Putin Brags New Weapons Are 'Decades' Ahead of Rest of the World's

Russian President Vladimir Putin on Monday touted a new era of weapon systems that he says are "decades ahead of their foreign counterparts" while his nation simultaneously faces a stiffer challenge than expected from Ukrainian forces.

Putin's comments came as Pentagon officials estimate that between 70,000 and 80,000 Russian troops have either been killed or wounded in action since the Ukraine invasion began February 24.

As Russia continues to lose not only soldiers but artillery, Putin maintains an optimistic outlook with Russian allies in Latin America, Asia and Africa that have "historically firm, friendly and truly trustworthy relations" and are being provided "cutting-edge weapons—from small arms to armored vehicles and artillery, combat aviation and drones," according to an English translation of his remarks.

"We are talking about high-precision weapons and robotics, combat systems based on new physical principles," Putin said. "Many of them are years, perhaps even decades ahead of their foreign counterparts, and significantly superior in terms of tactical and technical characteristics."

Putin made the comments at the opening of the Army-2022 International Military-Technical Forum and the International Army Games 2022 in Moscow. The forum consisted of about 1,500 domestic defense industry enterprises presenting over 28,000 modern samples of military and dual-use products that were slated to be demonstrated.

His comments came on the heels of reports from the Washington-based Institute for the Study of War that Russian volunteer soldiers have allegedly not been paid or adequately fed, and have not received previously promised benefits for their participation.

Vladimir Putin Weapons Manufacturing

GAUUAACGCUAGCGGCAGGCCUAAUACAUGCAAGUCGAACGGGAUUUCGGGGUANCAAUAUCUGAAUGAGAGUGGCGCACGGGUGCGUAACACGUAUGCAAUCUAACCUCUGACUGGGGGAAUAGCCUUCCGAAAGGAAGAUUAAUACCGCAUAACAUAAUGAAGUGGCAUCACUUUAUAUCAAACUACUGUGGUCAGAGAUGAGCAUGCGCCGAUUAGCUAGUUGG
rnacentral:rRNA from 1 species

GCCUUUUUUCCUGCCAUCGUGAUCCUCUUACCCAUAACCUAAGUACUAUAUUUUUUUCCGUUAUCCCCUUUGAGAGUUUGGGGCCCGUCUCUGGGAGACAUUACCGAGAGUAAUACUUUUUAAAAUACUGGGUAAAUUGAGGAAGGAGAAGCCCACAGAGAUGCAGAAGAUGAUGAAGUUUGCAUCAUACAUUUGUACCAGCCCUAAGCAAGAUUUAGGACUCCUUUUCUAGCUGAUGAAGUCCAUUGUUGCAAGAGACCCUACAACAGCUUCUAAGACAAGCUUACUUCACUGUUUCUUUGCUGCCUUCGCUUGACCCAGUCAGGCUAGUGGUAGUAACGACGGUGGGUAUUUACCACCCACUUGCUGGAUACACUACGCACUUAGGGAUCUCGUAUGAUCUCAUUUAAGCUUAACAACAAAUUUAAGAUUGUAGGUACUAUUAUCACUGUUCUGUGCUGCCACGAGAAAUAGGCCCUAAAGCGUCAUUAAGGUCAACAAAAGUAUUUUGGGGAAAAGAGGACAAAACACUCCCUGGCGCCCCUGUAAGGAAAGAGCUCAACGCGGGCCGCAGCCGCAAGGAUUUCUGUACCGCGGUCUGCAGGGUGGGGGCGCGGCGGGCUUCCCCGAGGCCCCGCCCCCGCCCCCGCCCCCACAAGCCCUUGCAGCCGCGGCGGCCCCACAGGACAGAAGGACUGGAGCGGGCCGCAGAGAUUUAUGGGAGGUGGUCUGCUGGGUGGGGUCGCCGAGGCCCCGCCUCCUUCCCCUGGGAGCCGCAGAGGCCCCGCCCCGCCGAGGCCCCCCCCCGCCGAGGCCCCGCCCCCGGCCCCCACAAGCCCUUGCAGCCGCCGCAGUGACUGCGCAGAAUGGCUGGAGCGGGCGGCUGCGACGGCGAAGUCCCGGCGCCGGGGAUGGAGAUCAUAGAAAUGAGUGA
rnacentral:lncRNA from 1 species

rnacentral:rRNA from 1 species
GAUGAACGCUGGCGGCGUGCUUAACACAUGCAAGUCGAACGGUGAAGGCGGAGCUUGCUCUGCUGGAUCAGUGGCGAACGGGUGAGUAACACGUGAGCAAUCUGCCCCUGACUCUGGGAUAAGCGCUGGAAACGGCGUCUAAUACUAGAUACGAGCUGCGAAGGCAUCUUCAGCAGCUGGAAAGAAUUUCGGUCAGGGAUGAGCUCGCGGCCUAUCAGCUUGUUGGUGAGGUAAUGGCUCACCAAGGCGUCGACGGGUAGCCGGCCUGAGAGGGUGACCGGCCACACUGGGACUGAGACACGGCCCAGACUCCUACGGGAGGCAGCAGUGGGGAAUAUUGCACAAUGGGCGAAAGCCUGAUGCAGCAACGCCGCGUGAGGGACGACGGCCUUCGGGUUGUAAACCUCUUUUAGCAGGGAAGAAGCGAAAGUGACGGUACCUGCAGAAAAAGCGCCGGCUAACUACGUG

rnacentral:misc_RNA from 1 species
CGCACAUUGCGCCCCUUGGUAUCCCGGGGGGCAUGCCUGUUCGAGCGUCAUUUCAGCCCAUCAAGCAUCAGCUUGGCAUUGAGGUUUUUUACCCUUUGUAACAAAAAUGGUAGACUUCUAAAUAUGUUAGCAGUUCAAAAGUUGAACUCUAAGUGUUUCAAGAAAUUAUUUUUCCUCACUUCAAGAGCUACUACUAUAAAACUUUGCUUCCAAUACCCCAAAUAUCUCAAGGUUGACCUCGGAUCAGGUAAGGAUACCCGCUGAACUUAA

Above, Russian President Vladimir Putin is pictured during the Navy Day Parade on July 31 in Saint Petersburg, Russia. Putin said August 15 that his country is at the forefront of numerous types of weaponry and praised allies on different continents for their partnerships. Getty Images

Former NATO Supreme Allied Commander James Stavridis in a recent radio show said Putin likely "realizes he's made a mistake" in terms of invading Ukraine in the first place, adding that a six-month window of war remains due to "difficulties Putin is facing as he burns through troops," along with the destruction of Russian military equipment.

Ukraine has greatly benefited from the High Mobility Artillery Rocket Systems (HIMARS) provided by the United States, though Russian officials this past weekend claimed to destroy one HIMARS launcher and a warehouse with ammunition located near Kramatorsk in the self-proclaimed Donetsk People's Republic.

Mark Cancian, a retired U.S. military veteran and current senior adviser with the Center for Strategic and International Studies, told Newsweek that supply could hinder the Ukrainian war effort in the months ahead.

In his recent comments, Putin remained steadfast in saying Russia represents the "broadest" and most "comprehensive" military-technical operation, praising allies "that do not bow to the so-called hegemon" and contribute "to the defense of the multipolar world."

Meanwhile, heightened concerns about nuclear risks persist as Ukrainian officials claim shelling at the Zaporizhzhya nuclear power plant has continued to occur.

"What is happening there is outright nuclear terrorism," Dmytro Orlov, the mayor of Energodar, said in an interview with Agence France-Presse (AFP) that was published on Sunday. "It can end unpredictably at any moment."